Sewickley Academy International Dinner set for Saturday
Pooja Pokharna hopes everyone who comes to Sewickley Academy's annual international dinner on Saturday learns something new about the many cultures in the world.
She and other members of the Students Advocating for Equity, or SAFE, club have been working for a year to pull the event together, which involves several academy culture clubs and other groups that will make presentations, perform and donate food for the free event.
The SAFE Club's mission is to maintain an inclusive school community by raising awareness about other cultures.
Pooja, club vice president has been involved with the international dinner for all four years of high school.
She also is president of the French and Italian Club and vice president of the Indian Culture Appreciation Club and is performing this year, as well.
The purpose of the event, which began in the 1990s, is to come together while celebrating diversity, said Jeremiah Jackson, academy director of diversity.
Participating will be Chinese Culture Club, Irish Culture Club, Project Bateye, Spanish Culture Club, Jewish Culture Club, Indian Cultural Awareness Club and French and Italian Club.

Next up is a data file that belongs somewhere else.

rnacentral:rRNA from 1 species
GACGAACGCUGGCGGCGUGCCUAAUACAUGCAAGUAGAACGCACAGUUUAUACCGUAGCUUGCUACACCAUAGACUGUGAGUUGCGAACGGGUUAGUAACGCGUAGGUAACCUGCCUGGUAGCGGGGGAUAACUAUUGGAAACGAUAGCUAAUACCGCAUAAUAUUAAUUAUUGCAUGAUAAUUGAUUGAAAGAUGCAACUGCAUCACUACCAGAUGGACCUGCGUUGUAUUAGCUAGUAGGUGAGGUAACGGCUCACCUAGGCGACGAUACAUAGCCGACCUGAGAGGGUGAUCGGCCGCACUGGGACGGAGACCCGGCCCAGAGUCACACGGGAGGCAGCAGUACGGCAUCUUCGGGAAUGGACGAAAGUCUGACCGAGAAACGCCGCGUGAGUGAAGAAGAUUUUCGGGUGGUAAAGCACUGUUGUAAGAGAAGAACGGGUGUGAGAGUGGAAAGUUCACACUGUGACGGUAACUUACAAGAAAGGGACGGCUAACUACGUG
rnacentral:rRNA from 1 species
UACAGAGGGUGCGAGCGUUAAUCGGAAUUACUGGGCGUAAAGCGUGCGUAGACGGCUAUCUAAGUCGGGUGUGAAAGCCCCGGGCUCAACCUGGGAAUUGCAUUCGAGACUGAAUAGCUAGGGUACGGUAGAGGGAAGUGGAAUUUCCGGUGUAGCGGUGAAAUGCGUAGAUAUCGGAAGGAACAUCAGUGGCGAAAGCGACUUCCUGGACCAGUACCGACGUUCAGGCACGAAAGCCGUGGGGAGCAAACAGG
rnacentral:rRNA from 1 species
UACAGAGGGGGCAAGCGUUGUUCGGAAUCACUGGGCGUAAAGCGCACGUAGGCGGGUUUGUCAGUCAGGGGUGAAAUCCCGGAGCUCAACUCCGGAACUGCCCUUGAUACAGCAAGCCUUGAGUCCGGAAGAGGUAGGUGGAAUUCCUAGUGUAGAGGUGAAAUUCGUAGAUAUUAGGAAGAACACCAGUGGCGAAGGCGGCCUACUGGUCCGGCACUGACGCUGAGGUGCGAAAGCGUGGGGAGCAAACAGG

Irish Culture Club presidents senior Aubrey Gedeon and junior Andrew Nassar and fellow club members will perform a skit about the history and cultural relevance of the often misunderstood leprechaun.
Indian Cultural Appreciation Club presidents seniors Sharran Chakravorty and Rishin Doshi and their fellow club members also will participate with food, dance and costumes.
Sharran said the food is his favorite part of the event.
“When I was a freshman, it was actually one of the main things that spurred my integration into this new community as well,” said Sharran who was born in Buffalo, N.Y. His parents, Sangeeta of Sewickley and Sudeep of the North Hills, were born and educated in India.
“For international dinner, as seems to be tradition, we will be putting on a Punjabi dance called bhangra for a few minutes,” Sharran said.
Amal Chabra, club vice president, competes around Pittsburgh with a team and is an excellent dancer and choreographer, she added.
“Pooja, secretary of the club, has the luck of having a dad who is both an extremely nice guy and an extremely good cook. He will be making most of the food — channa, spicy Indian chickpeas, and naan, which is a kind of bread,” she said.
Members will wear traditional Indian attire for the event.
The men will wear kurtas, and the women will wear kurtis, a feminine version of the shirts.
Spanish Culture Club presidents seniors Jake Mulholland and Nehemiah Norris and fellow club members will present a slideshow that explores the cultures of seven Latin American countries.
Chinese Culture Club presidents sophomores Janelle Sands and Adele Yang and fellow club members will perform “Pao Ma Liu Liu,” a Chinese folk song. Freshman Karen Chen is the lead vocalist, and the other students will perform the traditional dance for the piece.